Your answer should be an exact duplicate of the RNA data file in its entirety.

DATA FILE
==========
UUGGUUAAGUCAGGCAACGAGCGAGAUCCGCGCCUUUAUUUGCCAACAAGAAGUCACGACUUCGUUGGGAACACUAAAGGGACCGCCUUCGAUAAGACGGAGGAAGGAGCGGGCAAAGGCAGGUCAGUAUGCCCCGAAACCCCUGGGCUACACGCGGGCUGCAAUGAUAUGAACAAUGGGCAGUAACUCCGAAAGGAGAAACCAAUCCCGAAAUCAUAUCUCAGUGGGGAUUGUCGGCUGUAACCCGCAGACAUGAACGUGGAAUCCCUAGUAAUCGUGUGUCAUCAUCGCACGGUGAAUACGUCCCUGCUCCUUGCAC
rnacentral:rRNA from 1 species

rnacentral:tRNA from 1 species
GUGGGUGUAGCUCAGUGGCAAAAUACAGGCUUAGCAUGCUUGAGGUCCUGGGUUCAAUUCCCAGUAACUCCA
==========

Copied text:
UUGGUUAAGUCAGGCAACGAGCGAGAUCCGCGCCUUUAUUUGCCAACAAGAAGUCACGACUUCGUUGGGAACACUAAAGGGACCGCCUUCGAUAAGACGGAGGAAGGAGCGGGCAAAGGCAGGUCAGUAUGCCCCGAAACCCCUGGGCUACACGCGGGCUGCAAUGAUAUGAACAAUGGGCAGUAACUCCGAAAGGAGAAACCAAUCCCGAAAUCAUAUCUCAGUGGGGAUUGUCGGCUGUAACCCGCAGACAUGAACGUGGAAUCCCUAGUAAUCGUGUGUCAUCAUCGCACGGUGAAUACGUCCCUGCUCCUUGCAC
rnacentral:rRNA from 1 species

rnacentral:tRNA from 1 species
GUGGGUGUAGCUCAGUGGCAAAAUACAGGCUUAGCAUGCUUGAGGUCCUGGGUUCAAUUCCCAGUAACUCCA